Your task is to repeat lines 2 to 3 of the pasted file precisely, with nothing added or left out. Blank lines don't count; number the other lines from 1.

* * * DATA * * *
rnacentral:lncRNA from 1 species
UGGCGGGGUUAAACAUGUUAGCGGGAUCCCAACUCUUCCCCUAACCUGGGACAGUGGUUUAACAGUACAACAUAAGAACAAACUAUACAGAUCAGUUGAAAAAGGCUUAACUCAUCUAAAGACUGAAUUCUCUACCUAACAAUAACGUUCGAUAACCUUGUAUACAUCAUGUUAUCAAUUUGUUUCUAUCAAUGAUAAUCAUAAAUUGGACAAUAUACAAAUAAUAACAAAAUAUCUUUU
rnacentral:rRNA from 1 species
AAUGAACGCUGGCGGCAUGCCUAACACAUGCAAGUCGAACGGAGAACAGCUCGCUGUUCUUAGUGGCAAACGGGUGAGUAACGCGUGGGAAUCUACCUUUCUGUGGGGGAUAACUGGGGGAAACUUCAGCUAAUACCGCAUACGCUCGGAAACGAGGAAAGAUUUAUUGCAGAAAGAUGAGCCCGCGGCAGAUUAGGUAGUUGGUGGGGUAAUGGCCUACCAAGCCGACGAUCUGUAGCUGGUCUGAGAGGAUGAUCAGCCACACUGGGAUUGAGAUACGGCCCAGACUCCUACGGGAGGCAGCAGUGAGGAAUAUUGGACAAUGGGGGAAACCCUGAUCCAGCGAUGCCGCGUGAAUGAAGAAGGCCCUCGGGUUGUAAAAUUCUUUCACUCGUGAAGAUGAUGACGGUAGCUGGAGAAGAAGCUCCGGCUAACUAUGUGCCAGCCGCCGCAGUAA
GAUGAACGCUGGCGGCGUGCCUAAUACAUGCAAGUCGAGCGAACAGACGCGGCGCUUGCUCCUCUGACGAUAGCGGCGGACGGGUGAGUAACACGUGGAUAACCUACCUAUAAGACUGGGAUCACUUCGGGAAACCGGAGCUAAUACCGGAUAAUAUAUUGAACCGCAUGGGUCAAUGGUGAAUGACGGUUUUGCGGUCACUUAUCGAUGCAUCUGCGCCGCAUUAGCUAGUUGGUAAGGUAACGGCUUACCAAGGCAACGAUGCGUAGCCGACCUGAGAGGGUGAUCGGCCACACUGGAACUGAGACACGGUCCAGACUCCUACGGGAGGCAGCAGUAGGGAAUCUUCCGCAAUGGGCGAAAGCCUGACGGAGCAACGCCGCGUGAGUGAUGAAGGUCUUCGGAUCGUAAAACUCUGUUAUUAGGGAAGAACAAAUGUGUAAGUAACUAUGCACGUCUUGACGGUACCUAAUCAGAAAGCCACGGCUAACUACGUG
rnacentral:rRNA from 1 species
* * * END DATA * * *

UGGCGGGGUUAAACAUGUUAGCGGGAUCCCAACUCUUCCCCUAACCUGGGACAGUGGUUUAACAGUACAACAUAAGAACAAACUAUACAGAUCAGUUGAAAAAGGCUUAACUCAUCUAAAGACUGAAUUCUCUACCUAACAAUAACGUUCGAUAACCUUGUAUACAUCAUGUUAUCAAUUUGUUUCUAUCAAUGAUAAUCAUAAAUUGGACAAUAUACAAAUAAUAACAAAAUAUCUUUU
rnacentral:rRNA from 1 species